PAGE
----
Helicopter Eela could have been a good film, but falls short, says Savera R Someshwar.
Ever tried your hand at cooking?
You've got a bunch of decent ingredients and an interesting recipe.
Yet, when the dish is ready and sitting pretty in the middle of your kitchen table, you find yourself staring at it, puzzled.
It looks great, the aroma's tempting but when it comes to the taste test, there's something not quite right.
Which doesn't really make it a bad dish, just something that is not 'quite right'.
Director Pradeep Sarkar, in his return to the big screen after Rani Mukerji's Mardaani (2014), faces somewhat the same dilemma.
This time, Sarkar's protagonist -- who inspired the movie's title as well -- is Eela Raitukar, played by Mukerji's effervescent cousin, Kajol.
Like millions of others before her, Eela came to Mumbai to gift her dreams wings, but that big break is elusive.
The door to success finally does crack opens -- thanks to a sweet, supportive boyfriend (Tota Roy Chowdhury as a rather confused Arun, but more on that later) -- only to be slammed shut before Eela can take more than a whiff!
At this first stumble, and this is where the film raises its first question mark for me, Eela -- who thus far has been determined about making it as a playback singer -- decides to give it all up and get married even though her boyfriend and his sensible mother encourage her to think her decision through.
It trivialises her dream and doesn't sit with her character that has been sketched out for us.
Blink your eyes and she's pregnant; snap your fingers and the cute little baby arrives.
Before you finish your samosa, Arun, who has been a very likeable, sensible sort thus far, suddenly wants to up and leave his loving wife, young son and his widowed mother because the men in his family seem to have a tendency to die early... and he wants to 'live' what he expects will be the last year of his life unfettered.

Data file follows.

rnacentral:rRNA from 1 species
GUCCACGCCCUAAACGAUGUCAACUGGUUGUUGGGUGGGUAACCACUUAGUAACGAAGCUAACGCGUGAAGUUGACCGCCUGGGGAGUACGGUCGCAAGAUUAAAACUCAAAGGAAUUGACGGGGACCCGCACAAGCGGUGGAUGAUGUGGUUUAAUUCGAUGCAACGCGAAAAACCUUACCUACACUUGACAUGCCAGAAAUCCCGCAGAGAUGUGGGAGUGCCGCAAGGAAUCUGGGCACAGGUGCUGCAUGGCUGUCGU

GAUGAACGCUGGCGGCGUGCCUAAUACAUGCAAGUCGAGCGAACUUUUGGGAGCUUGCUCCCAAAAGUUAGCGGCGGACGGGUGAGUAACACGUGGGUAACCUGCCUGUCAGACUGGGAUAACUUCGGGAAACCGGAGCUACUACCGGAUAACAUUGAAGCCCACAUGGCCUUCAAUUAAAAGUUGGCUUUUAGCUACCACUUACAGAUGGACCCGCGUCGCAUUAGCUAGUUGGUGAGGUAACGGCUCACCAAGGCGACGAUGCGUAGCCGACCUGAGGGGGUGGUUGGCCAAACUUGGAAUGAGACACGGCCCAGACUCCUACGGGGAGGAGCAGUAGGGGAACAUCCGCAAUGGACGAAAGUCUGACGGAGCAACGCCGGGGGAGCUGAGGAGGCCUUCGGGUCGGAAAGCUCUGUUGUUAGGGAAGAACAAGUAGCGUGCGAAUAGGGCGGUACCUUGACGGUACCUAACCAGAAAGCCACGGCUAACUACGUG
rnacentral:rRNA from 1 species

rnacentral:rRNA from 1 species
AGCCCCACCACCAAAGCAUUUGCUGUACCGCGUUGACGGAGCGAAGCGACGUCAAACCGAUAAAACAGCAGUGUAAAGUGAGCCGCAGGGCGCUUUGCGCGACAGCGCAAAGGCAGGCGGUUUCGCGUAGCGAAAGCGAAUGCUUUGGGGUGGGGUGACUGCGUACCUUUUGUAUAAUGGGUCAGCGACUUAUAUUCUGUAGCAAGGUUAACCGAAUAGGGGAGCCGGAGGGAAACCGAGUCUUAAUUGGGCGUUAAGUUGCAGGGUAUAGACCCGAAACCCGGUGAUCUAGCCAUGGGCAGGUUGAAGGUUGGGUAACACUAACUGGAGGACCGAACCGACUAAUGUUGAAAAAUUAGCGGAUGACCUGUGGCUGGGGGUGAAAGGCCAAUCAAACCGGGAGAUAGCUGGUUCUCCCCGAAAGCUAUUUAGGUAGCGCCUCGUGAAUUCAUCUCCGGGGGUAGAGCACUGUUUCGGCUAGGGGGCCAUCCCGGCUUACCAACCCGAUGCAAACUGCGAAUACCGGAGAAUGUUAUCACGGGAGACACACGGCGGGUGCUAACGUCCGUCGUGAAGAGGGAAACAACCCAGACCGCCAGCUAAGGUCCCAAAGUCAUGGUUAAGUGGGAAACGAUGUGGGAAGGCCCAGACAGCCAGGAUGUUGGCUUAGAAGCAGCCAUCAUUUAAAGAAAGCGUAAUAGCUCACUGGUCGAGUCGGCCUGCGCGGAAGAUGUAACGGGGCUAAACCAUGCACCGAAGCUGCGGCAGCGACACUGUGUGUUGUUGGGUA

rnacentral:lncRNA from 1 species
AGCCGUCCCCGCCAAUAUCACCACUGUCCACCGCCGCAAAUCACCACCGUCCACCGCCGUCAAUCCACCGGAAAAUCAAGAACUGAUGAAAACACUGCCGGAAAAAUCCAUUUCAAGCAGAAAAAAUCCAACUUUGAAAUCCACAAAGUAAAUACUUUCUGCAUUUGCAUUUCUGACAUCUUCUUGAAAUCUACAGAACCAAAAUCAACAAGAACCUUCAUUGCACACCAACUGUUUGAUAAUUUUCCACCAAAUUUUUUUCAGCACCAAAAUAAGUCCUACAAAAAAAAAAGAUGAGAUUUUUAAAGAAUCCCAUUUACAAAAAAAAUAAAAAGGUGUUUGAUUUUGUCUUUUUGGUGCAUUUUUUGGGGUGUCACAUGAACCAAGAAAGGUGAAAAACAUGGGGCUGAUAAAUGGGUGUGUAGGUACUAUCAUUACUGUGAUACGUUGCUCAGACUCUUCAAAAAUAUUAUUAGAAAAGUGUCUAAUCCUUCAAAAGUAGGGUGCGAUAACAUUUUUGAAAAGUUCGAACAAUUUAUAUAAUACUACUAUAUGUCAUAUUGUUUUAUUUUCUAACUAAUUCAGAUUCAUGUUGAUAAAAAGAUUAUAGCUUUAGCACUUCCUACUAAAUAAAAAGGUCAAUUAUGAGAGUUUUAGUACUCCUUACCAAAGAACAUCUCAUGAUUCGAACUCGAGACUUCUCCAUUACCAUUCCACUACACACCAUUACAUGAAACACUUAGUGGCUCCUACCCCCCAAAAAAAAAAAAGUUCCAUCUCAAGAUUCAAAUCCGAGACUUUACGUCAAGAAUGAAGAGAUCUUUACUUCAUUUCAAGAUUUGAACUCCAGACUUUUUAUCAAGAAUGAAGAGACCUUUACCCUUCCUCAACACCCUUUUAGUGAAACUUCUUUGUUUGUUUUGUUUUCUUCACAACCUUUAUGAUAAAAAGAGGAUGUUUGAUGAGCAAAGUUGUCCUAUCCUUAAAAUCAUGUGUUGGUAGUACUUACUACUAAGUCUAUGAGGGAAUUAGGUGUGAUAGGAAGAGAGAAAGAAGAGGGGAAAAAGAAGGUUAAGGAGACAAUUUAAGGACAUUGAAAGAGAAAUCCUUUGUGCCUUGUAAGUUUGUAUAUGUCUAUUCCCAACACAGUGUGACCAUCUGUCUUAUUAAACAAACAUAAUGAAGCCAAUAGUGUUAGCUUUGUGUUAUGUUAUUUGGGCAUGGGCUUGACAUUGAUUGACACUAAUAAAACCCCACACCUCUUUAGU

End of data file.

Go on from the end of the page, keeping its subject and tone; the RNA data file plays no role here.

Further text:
And 'Huh?' because this flimsier-than-a-negligee reason goes totally against Arun's character.
It only serves to lay a clumsy foundation for Eela to become Helicopter Eela (don't know what that is? Well, a helicopter parent is constantly cosseting the child and monitoring his/her every experience; you know, the kind of parent that won't let a child fall off a bike because they are hovering right behind?).
And that how Vivaan grows up, loving his mom, but more than a little smothered at times with her over-powering attention.
She joins his college (a small crib here, Sen -- despite his curly mop -- looks more like Kajol's younger friend or brother than her son), barrels through his friends and generally makes his life (as parents unwittingly tend to do :) ) embarrassing.
National Award-winning actor Riddhi Sen (remember his heartwarming outing as Potlu, the little chaiwallah's assistant in Kahaani?) understated performance makes Vihaan extremely likeable (And the two kids play the younger Vihaan are super-cute!).
Sen is the much needed foil to the hyperactive, and sometimes, hyper Eela.
Kajol as Eela tends to fall on the louder side and we wish she didn't. She channels her inner Anjali (and you smile when you spot the hat-doffs), but it wasn't Anjali who was needed here.
Neha Dhupia drops in as the teacher in charge of the college drama club and no-nonsense, impatient-with-mediocrity character is a hoot.
Vihaan's friends are sketched as likeable, but we don't really get to know them or get to really delve in their relationship with Eela or Vihaan, which would have lent the film an interesting dimension.
What works, and really works for Helicopter Ela, is Sen, his empathy, his anger, his frustration and his love for his mother all come across as very real.
What doesn't is the script, which takes what is increasingly seen in urban India -- single parent homes -- but handles it with less care than the subject deserves.
The film makes you smile in bits, but the attention to details are shoddy enough to make wince; for example, Kajol flips from looking young to old to young in the same scenes often enough to make you feel you are watching a tennis match.
If were a Nineties kid, or if you loved that decade, there are enough references here to please you.
But that does not make a for a Nil Battey Sannata, where the relationship between a single parent and child is handled much more realistically.
In the effort to dose Helicopter Eela with humour -- and it's not that a movie on this subject cannot be funny -- the film cuts down on its believability.
The loser, as a result is Eela's journey to emancipation. And the audience.